©2006 Scott Allan Stevens, Earball Media

Children of the Revolution: Life, Love, (and Guantanamo Bay)
Malaka Music

artist site : buy CD : hear samples

Since their eponymous debut album in 1999, Seattle's Children of the Revolution have pursued their musical dreams with unflagging energy. The fruits of these labors include six albums and a reputation, honed through worldwide touring, as a great live band. Putumayo, who included a COTR track on their compilation Greece: A Musical Odyssey, says they "represent the future of popular music." Not that the recipe of a multicultural band borrowing from many traditions hasn't been tried before (think Pink Martini, Mynta, Balkan Beat Box, Tabla Beat Science, Lo'Jo, or Bayuba Cante, just to name a few).

But these are rare success stories amid the ruins of failed musical experiments. And you well might wonder what keeps the wheels on the cart if you look at everything it's carrying: lyrics in English, Spanish, Greek, and a little French and Arabic; styles ranging from fiery Afro-Cuban to folk-pop ballads to political ska to violin/scat jazz; and along with 11 group members, guest artists including Reggie Watts, Ann Wilson, Yva Las Vegass, and Gina Sala.

So what holds it together? Eric Jaeger's guitar energy. Vassili's songwriting, singing, and strut. More than anything, a keen sense of storytelling. Hanging with COTR, you not only get great music, but also compelling tales of love ("Isla Margarita," "Liberation"), loss ("Keep Holding On," "Broken Pieces"), the ticking of time ("Depression Era Kid," "Jonathan"), living with HIV/AIDS ("Chapter One"), human rights ("Guantanamo Bay"), and life cut short ("Angeles de Bolivia"). By no stretch of imagination could this all be called "world music," yet it's deeply felt music telling powerful human stories rooted in the band's diverse experiences.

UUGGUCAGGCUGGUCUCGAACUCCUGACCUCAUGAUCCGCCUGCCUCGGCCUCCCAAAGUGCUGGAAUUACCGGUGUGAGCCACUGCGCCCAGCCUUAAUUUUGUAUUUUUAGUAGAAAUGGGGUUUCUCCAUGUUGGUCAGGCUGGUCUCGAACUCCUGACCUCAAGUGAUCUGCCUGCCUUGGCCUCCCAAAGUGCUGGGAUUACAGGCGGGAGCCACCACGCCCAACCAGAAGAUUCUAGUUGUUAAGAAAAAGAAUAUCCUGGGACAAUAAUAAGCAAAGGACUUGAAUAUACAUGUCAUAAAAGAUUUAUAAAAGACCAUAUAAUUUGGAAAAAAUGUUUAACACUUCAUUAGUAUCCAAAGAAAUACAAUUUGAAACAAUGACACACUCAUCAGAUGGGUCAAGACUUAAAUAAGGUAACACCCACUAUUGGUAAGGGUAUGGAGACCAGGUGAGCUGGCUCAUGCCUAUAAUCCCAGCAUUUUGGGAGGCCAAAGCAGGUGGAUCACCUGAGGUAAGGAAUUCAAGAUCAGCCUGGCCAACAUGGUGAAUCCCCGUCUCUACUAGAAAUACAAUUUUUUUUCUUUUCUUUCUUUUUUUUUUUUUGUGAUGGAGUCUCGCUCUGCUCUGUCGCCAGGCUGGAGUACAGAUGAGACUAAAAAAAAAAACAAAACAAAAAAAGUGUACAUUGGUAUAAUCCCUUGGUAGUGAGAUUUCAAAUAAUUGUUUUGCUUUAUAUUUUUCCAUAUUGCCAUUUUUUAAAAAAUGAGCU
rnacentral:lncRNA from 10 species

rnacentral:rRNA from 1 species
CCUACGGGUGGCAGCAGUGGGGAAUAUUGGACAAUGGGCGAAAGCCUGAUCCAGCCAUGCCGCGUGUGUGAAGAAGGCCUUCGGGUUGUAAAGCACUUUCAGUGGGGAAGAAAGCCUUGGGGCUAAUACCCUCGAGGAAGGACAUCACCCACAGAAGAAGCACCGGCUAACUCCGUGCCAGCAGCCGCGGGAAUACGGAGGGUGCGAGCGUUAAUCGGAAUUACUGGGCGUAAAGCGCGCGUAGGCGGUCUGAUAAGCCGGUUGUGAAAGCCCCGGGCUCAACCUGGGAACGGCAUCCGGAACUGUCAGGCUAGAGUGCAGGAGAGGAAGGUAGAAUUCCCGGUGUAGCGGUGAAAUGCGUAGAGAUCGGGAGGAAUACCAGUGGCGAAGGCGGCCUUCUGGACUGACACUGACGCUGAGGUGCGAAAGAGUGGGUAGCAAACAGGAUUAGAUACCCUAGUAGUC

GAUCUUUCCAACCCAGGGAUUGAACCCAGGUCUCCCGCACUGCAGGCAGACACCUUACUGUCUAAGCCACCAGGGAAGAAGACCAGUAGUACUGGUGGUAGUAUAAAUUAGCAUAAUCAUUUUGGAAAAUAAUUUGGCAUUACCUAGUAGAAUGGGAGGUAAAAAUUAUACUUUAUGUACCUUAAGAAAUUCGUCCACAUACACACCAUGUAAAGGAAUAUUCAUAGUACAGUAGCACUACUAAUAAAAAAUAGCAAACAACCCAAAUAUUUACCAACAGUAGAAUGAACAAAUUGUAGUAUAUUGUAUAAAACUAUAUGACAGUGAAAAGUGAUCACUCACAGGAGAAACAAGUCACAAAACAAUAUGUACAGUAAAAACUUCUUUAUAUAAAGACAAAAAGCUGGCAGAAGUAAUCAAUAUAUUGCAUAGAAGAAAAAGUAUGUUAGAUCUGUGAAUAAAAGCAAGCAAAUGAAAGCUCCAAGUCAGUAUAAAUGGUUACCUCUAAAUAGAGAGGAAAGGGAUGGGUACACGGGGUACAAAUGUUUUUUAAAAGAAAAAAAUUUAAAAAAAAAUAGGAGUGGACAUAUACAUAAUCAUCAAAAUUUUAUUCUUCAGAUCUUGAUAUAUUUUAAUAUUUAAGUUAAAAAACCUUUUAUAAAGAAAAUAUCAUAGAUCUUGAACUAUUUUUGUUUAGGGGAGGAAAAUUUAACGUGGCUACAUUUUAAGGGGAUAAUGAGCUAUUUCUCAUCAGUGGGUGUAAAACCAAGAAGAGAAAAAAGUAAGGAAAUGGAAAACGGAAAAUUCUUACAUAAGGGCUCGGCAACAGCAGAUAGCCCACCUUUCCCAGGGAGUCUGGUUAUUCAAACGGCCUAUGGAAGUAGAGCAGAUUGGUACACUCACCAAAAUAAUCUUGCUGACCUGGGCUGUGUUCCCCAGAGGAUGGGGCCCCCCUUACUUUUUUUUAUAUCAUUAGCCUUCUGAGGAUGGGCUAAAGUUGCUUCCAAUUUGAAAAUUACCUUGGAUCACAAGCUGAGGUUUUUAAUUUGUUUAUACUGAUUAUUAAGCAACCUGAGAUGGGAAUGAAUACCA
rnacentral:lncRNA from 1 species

©2006 Scott Allan Stevens, Earball Media

THIS JUST IN! ... New World Music CD Releases

 

Cesaria Evora: Rogamar (RCA)
buy CD/hear samples

More lush African island music from the musical queen of Cape Verde. On Rogamar (which translates as "praise/pray to the sea") The Barefoot Diva sings of the sea, love, and African unity. On "Africa Nossa," a duet with Ismael Lo, she sings "Africa and Senegal are not far apart / I can say that these two countries are as one / Sons of Africa, let us unite, hand in hand / for there's strength in unity." And there's much beauty in this sublime, richly orchestrated African music.


Various Artists: The Rough Guide to the Music of Tanzania (World Music Network)
buy CD/hear samples

Various Artists: The Rough Guide to Flamenco Nuevo (World Music Network)
buy CD/hear samples

The two newest Rough Guide compilations cover a world of ground, and show how contemporary music is emerging from traditional roots. Tanzania includes old-school big-band Afro-jazz by Vijana Jazz Band, sublime guitar work by Ndala Kasheba, and hip-hop sounds by the likes of X Plastaz and Dataz. It's a glimpse of a lesser-known nation that will leave you hungry for more.